Abstracting Process-to-Function Relations
in Concurrent Object-Oriented Applications ?
Cristina Videira Lopes ?? , Karl J. Lieberherr
College of Computer Science
Boston, MA 02115, USA
email: fcrista, firstname.lastname@example.org
Abstract. This paper presents a programming model for concurrent object-oriented applications by which concurrency issues are abstracted and separated from the code. The main goal of the model is to minimize dependency between application specific functionality and concurrency control. Doing so, software reuse can be effective and concurrent programs are more flexible, meaning that changes in the implementation of the operations don't necessarily imply changes in the synchronization scheme (and vice-versa). We make an analysis of concurrent computation, review existing systems and their inherent limitations, and discuss the fundamental problems in abstracting concurrency. Then we propose a solution based on lessons learned with adaptive software, introducing the concept of synchronization patterns. The result is a programming model by which data, operations and concurrency control are minimally interdependent.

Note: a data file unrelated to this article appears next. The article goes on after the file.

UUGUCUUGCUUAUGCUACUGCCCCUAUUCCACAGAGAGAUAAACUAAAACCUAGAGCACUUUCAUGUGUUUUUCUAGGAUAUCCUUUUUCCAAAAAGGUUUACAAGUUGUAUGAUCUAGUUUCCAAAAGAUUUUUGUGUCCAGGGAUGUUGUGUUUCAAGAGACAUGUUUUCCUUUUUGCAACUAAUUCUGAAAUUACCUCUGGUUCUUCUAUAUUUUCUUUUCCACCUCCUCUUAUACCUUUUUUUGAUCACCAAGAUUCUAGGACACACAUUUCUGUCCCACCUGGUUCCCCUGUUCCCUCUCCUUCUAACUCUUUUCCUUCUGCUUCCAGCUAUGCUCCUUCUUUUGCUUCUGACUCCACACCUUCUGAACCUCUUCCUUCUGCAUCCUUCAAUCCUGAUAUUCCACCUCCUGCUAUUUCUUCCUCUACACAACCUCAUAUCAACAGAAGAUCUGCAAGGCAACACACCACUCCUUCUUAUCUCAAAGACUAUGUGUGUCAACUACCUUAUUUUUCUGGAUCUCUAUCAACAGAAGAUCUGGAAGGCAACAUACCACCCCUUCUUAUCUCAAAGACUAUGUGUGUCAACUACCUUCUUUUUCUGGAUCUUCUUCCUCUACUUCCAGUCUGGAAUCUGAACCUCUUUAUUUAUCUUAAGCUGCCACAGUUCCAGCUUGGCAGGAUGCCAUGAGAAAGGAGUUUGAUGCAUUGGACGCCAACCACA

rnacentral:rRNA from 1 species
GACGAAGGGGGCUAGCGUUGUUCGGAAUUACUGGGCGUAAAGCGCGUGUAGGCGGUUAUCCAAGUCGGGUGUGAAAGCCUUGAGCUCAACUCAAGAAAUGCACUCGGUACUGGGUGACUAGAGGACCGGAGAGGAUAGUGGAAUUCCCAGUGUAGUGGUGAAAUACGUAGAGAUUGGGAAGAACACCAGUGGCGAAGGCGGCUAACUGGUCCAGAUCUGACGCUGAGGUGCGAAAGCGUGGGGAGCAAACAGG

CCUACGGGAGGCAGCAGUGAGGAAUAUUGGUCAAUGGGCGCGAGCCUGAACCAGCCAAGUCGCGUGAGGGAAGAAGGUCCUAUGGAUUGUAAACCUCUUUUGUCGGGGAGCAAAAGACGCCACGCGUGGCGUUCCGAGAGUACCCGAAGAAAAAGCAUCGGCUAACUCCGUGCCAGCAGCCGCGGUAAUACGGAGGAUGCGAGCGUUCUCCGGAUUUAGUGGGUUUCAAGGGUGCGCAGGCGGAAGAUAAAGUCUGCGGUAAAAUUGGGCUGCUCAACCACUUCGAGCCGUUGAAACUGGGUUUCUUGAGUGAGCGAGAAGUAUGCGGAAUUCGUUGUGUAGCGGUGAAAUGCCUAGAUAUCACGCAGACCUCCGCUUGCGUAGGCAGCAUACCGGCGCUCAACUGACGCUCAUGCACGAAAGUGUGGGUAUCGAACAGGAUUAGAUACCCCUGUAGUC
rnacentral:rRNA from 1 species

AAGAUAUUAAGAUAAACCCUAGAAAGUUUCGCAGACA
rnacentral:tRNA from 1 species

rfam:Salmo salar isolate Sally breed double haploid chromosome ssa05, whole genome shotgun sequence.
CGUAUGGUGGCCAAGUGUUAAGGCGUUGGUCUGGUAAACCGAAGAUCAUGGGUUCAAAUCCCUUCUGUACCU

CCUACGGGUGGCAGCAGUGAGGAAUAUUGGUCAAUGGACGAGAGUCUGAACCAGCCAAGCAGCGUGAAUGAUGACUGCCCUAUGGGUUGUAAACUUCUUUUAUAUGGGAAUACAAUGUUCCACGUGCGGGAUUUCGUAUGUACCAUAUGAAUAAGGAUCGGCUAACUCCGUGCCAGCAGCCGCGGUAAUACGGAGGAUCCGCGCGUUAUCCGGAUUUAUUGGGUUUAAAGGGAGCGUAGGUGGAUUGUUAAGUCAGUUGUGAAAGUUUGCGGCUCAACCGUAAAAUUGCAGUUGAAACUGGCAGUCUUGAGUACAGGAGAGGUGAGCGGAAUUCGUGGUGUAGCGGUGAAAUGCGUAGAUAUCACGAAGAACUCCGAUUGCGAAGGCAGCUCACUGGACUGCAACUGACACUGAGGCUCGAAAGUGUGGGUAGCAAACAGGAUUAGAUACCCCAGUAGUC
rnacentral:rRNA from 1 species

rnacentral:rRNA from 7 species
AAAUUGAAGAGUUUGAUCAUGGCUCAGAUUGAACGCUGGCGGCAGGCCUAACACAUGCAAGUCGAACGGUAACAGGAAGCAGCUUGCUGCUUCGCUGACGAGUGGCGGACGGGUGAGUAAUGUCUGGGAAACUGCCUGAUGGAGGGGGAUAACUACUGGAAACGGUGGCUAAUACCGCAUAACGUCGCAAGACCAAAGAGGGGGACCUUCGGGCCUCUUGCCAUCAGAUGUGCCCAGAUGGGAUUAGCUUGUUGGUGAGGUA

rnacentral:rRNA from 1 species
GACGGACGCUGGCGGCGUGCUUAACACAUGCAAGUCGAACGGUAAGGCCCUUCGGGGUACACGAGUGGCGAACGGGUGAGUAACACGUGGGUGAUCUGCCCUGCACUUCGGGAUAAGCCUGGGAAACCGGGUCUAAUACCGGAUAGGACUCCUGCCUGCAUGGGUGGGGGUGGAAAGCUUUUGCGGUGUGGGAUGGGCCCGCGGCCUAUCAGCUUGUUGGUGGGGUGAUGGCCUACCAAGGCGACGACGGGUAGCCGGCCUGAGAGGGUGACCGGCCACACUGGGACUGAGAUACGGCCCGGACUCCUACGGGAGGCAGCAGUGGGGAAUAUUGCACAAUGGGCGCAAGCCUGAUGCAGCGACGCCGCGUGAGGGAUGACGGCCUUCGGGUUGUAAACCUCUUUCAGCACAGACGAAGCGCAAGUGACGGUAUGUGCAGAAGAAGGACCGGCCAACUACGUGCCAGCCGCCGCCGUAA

Keywords: Concurrency, synchronization, object-orientation, reusability, adaptiveness.
This paper describes a new approach to concurrent object-oriented programming by which synchronization schemes are expressed by a mechanism external to the programming language itself. In fact, we separate the basic behavior of the applications from their concurrent issues, introducing a new level of abstraction in object-oriented programming. We call this new level the adaptive level. When programming adaptive applications, behavior is described independent of any concurrent activities, and concurrency control is described with minimal assumptions on the operations; then we generate a complete and correct objectoriented program from the adaptive constructs. Doing so, the basic semantics of
? This research was supported in part by the National Science Foundation grant CCR- 9102578 and CDA-9015692 (Research Instrumentation) and by Citibank. ?? Supported by the Portuguese Foundation for Research, Science and Technology (JNICT).